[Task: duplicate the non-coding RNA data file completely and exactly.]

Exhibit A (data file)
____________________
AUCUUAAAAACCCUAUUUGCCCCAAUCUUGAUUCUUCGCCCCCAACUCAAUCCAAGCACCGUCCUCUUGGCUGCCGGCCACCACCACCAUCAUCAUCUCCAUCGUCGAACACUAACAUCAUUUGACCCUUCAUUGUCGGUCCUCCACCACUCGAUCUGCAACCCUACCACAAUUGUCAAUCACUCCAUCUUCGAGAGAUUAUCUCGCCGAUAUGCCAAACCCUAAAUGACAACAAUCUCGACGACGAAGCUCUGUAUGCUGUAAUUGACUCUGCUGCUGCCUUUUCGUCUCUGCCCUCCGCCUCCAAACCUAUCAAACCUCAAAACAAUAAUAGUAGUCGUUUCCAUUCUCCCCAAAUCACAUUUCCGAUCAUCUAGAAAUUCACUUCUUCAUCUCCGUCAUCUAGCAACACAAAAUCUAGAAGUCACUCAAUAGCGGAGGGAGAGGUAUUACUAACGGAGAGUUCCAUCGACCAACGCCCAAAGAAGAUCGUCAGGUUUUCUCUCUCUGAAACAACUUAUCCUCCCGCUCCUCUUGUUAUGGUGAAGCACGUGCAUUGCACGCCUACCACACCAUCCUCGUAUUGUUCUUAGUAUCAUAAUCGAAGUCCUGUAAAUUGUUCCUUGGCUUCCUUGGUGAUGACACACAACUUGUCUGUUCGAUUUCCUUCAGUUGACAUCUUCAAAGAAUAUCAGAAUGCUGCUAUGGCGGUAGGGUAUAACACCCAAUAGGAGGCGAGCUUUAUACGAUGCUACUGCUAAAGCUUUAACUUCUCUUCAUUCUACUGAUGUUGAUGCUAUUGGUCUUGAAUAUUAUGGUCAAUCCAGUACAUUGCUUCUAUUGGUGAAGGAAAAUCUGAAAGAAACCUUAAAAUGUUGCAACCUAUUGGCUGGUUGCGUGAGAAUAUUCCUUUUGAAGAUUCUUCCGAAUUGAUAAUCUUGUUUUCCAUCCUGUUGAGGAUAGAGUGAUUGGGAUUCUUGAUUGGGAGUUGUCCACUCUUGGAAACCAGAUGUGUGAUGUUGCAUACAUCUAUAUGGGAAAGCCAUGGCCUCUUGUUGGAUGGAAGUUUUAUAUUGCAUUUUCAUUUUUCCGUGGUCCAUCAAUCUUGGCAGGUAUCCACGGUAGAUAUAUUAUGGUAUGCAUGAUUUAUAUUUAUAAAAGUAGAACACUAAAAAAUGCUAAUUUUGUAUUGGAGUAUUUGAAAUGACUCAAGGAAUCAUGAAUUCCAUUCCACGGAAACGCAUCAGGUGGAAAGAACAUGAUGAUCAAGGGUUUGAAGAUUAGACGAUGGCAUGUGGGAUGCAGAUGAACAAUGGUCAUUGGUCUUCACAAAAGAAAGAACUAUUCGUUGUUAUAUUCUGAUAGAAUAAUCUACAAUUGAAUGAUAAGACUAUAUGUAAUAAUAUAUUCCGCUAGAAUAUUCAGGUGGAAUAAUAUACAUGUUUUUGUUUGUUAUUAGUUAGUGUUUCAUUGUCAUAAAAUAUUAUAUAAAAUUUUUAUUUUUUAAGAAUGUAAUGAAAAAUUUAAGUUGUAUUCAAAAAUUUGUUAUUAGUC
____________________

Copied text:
AUCUUAAAAACCCUAUUUGCCCCAAUCUUGAUUCUUCGCCCCCAACUCAAUCCAAGCACCGUCCUCUUGGCUGCCGGCCACCACCACCAUCAUCAUCUCCAUCGUCGAACACUAACAUCAUUUGACCCUUCAUUGUCGGUCCUCCACCACUCGAUCUGCAACCCUACCACAAUUGUCAAUCACUCCAUCUUCGAGAGAUUAUCUCGCCGAUAUGCCAAACCCUAAAUGACAACAAUCUCGACGACGAAGCUCUGUAUGCUGUAAUUGACUCUGCUGCUGCCUUUUCGUCUCUGCCCUCCGCCUCCAAACCUAUCAAACCUCAAAACAAUAAUAGUAGUCGUUUCCAUUCUCCCCAAAUCACAUUUCCGAUCAUCUAGAAAUUCACUUCUUCAUCUCCGUCAUCUAGCAACACAAAAUCUAGAAGUCACUCAAUAGCGGAGGGAGAGGUAUUACUAACGGAGAGUUCCAUCGACCAACGCCCAAAGAAGAUCGUCAGGUUUUCUCUCUCUGAAACAACUUAUCCUCCCGCUCCUCUUGUUAUGGUGAAGCACGUGCAUUGCACGCCUACCACACCAUCCUCGUAUUGUUCUUAGUAUCAUAAUCGAAGUCCUGUAAAUUGUUCCUUGGCUUCCUUGGUGAUGACACACAACUUGUCUGUUCGAUUUCCUUCAGUUGACAUCUUCAAAGAAUAUCAGAAUGCUGCUAUGGCGGUAGGGUAUAACACCCAAUAGGAGGCGAGCUUUAUACGAUGCUACUGCUAAAGCUUUAACUUCUCUUCAUUCUACUGAUGUUGAUGCUAUUGGUCUUGAAUAUUAUGGUCAAUCCAGUACAUUGCUUCUAUUGGUGAAGGAAAAUCUGAAAGAAACCUUAAAAUGUUGCAACCUAUUGGCUGGUUGCGUGAGAAUAUUCCUUUUGAAGAUUCUUCCGAAUUGAUAAUCUUGUUUUCCAUCCUGUUGAGGAUAGAGUGAUUGGGAUUCUUGAUUGGGAGUUGUCCACUCUUGGAAACCAGAUGUGUGAUGUUGCAUACAUCUAUAUGGGAAAGCCAUGGCCUCUUGUUGGAUGGAAGUUUUAUAUUGCAUUUUCAUUUUUCCGUGGUCCAUCAAUCUUGGCAGGUAUCCACGGUAGAUAUAUUAUGGUAUGCAUGAUUUAUAUUUAUAAAAGUAGAACACUAAAAAAUGCUAAUUUUGUAUUGGAGUAUUUGAAAUGACUCAAGGAAUCAUGAAUUCCAUUCCACGGAAACGCAUCAGGUGGAAAGAACAUGAUGAUCAAGGGUUUGAAGAUUAGACGAUGGCAUGUGGGAUGCAGAUGAACAAUGGUCAUUGGUCUUCACAAAAGAAAGAACUAUUCGUUGUUAUAUUCUGAUAGAAUAAUCUACAAUUGAAUGAUAAGACUAUAUGUAAUAAUAUAUUCCGCUAGAAUAUUCAGGUGGAAUAAUAUACAUGUUUUUGUUUGUUAUUAGUUAGUGUUUCAUUGUCAUAAAAUAUUAUAUAAAAUUUUUAUUUUUUAAGAAUGUAAUGAAAAAUUUAAGUUGUAUUCAAAAAUUUGUUAUUAGUC